SHE WAS a pupil at Redbridge Community School for only a year - but made a lasting impression on staff and fellow students alike.

Now a quiet corner of the school grounds has been turned into a horticultural retreat as a memorial to the popular 13-year-old whose life was cruelly cut short last summer.

Lucy Garden’s, which will open after the new term starts in September, will give her friends a place where they can sit and reflect.

A large rainbow-coloured sign has been placed at the entrance to the site.

Below it is a family shield based on a design discovered in one of Lucy’s schoolbooks after she died. It includes references to a US rock band called Falling In Reverse, her family and friends, and her favourite animal - the fox.

The irony is not lost on the school’s head teacher, Jason Ashley.

Much time and effort has gone into preventing foxes from targeting one of the garden’s main features - a coop housing ten chickens bought from a farm in the New Forest.

The half-acre site bordering the A33 also includes benches made by the students, a fruit and vegetable garden and a semi-wild area.

One of the raised beds is called Lucy’s Place, a memorial comprising a variety of flowers surrounded by lavender, renowned for its calming effect.

The £5,000 garden has been created over the past few months, with most of the work being done in-house.

Mr Ashley said: “There was something quite unique about Lucy and the students wanted to do something in her memory.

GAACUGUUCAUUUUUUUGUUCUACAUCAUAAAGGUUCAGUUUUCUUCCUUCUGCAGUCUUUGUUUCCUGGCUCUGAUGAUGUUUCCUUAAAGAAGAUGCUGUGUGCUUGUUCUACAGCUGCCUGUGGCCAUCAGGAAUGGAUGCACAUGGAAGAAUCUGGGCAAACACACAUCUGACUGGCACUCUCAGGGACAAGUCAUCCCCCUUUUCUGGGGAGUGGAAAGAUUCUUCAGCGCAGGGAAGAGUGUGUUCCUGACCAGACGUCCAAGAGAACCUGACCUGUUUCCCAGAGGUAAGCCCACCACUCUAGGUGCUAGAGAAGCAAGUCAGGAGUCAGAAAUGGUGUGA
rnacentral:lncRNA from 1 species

“I felt the kids needed something physical - somewhere they could go if they wanted to sit and reflect.

“They love the new garden. I took my own daughters there a couple of weekends ago to feed the chickens and they really liked it too.”

Mr Ashley made a light-hearted reference to the absence of two colours Lucy regarded as her favourites.

“She’d have had a little moan about there not being enough red and black in there, but I think she would have loved it,” he said.

The school is still coming to terms with the horrific events which unfolded one day in July last year.

“Everyone was absolutely devastated when they learned Lucy had been murdered - even members of staff who didn’t know her were severely affected,” said Mr Ashley.

“She was a really intelligent girl, who had aspirations to succeed in life. She was very confident and knew what she wanted.” In many ways talking to her was like talking to a young adult.”

Lucy initially found it difficult to settle at Redbridge but began to excel and ended up performing in top sets. Mr Ashley described her performance as “exceptional”.

“Lucy had a brilliant year with us,” he said. “If she’d still been here I think she’d have done really well.”